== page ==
You may have heard about prenuptial agreements in the news or via celebrity gossip as these types of agreements are often associated with wealthy and famous couples whose divorce settlements are the subject of tabloid news.
In the lives of regular couples, however, prenuptial agreements are also important. So, what are they and when should you consider getting one?
What is a Prenuptial Agreement?
A prenuptial agreement, also referred to as a ‘prenup’, is the most commonly known type of Binding Financial Agreement. It is entered into by people who are contemplating entering into a marriage with each other.
Binding Financial Agreements outline how each party’s assets, liabilities and superannuation including their joint assets will be distributed in the event they separate.
Does every couple need one?
The question here should really be, ‘does every couple want one?’, as sometimes only one person in a relationship wants one. Generally, if each party is interested in protecting their assets in the event they separate it is far easier to broach the subject before the event, rather than attempting to reach a settlement if the relationship becomes acrimonious post-separation.
Binding Financial Agreements are not just for the ultra-wealthy. They are also not just for young couples who are about to get married for the first time. De facto couples may enter into a Binding Financial Agreement. Often couples who have previously been married will want to enter into an agreement with their next partner as they understand the implications of not having entered into one during their previous relationship.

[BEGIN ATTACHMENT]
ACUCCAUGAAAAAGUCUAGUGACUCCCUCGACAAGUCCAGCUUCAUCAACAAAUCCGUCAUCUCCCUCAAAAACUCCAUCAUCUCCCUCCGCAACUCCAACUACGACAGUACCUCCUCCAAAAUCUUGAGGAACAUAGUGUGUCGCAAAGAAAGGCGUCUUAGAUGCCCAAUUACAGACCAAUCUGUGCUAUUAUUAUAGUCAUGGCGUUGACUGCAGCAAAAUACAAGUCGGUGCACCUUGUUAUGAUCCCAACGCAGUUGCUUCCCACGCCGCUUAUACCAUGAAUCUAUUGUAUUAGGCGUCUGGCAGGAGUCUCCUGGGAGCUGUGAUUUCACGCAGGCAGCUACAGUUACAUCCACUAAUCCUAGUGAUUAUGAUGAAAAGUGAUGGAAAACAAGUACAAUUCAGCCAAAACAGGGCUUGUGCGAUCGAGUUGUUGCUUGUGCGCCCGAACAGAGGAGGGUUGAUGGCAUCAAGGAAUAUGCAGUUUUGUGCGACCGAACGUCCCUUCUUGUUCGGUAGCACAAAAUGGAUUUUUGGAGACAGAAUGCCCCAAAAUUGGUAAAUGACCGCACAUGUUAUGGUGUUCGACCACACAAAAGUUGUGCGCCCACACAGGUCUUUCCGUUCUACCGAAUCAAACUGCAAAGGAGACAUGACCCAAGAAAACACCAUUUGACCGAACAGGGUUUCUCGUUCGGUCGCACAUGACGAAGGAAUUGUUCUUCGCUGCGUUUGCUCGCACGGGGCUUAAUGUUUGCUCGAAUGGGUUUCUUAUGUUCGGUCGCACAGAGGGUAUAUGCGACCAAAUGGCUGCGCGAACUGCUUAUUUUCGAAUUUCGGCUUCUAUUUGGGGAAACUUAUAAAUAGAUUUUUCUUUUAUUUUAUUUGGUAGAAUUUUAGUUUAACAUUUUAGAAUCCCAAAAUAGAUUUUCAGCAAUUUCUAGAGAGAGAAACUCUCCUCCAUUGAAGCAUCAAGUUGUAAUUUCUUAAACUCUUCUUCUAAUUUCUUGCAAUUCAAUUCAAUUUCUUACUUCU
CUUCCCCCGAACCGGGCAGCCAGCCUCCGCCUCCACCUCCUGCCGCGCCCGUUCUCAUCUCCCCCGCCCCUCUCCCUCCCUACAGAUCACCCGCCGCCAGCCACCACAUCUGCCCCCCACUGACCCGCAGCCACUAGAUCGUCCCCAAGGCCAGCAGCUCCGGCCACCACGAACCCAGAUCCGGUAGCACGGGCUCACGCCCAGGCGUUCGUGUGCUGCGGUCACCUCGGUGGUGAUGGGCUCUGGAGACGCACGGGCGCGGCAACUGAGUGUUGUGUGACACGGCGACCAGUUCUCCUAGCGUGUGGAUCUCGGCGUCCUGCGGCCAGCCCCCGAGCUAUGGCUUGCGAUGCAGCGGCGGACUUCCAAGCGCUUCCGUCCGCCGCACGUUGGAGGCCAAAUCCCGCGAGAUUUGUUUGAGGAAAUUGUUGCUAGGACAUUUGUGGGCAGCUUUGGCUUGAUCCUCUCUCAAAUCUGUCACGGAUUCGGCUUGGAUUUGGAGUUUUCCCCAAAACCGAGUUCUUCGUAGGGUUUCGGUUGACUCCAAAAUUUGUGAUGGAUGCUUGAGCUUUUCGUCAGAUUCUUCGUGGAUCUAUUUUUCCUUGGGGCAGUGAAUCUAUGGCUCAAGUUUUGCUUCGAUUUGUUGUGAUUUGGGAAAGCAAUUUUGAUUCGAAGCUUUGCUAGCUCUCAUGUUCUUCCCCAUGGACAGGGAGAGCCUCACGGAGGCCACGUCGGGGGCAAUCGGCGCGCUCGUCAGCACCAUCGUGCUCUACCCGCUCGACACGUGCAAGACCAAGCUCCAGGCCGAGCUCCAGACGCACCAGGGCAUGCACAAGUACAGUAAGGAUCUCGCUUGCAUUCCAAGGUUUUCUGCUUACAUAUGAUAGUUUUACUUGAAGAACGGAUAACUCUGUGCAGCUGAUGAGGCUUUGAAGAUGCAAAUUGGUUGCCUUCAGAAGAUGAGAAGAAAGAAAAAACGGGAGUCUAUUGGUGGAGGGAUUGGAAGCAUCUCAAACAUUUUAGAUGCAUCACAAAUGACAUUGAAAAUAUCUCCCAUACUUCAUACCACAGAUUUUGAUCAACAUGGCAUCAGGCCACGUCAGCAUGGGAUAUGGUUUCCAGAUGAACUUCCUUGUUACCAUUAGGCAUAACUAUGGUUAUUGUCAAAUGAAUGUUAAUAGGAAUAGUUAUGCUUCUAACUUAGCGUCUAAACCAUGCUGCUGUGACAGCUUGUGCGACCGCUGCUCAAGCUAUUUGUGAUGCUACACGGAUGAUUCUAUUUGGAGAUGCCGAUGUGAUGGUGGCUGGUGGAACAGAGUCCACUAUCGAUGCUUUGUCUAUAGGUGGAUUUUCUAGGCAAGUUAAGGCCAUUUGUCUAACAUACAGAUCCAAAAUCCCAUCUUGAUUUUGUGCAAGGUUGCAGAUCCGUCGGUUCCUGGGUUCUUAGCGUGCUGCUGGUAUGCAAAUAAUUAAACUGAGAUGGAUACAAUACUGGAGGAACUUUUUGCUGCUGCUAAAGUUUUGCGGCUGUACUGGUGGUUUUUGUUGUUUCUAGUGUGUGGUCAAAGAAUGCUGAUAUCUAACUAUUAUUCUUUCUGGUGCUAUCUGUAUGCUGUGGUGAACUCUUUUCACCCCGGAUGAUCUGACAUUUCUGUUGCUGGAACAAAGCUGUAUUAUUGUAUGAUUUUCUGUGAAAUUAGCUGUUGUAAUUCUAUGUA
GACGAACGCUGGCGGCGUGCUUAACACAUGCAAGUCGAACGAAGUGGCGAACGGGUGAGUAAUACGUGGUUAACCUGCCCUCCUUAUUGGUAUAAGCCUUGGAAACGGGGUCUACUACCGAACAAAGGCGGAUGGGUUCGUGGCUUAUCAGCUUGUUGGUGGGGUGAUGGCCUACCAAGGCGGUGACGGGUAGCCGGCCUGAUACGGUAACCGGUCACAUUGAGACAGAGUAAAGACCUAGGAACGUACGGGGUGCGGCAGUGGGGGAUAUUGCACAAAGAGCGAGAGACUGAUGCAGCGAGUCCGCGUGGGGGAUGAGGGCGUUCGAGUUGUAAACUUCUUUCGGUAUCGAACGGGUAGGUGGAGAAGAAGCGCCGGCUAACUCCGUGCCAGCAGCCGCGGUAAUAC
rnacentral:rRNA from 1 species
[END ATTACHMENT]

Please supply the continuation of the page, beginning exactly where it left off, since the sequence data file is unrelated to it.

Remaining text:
At what point in the relationship should we have an agreement drawn up?
Binding Financial Agreements can be made at various stages in relationships eg. before parties live together, before parties get married, during a de facto relationship or marriage and after the breakdown of a de facto relationship or after a divorce order is made for married couples.
Typically, there is a significant disparity in the financial circumstances of the parties and it is the party who is in a stronger financial position who will wish to protect their interests by entering into a Binding Financial Agreement.
What assets will be included in the agreement?
Both parties must provide each other with full financial disclosure before entering into a Binding Financial Agreement. The Agreement must set out all the assets, liabilities and superannuation owned by each of the parties including any jointly owned assets and liabilities.
Do I need to get legal advice?
It is a requirement of entering into a Binding Financial Agreement that you seek independent legal advice.
If you would like to have a Binding Financial Agreement prepared or you have been asked to sign one and need advice, contact our family lawyers in Cairns today.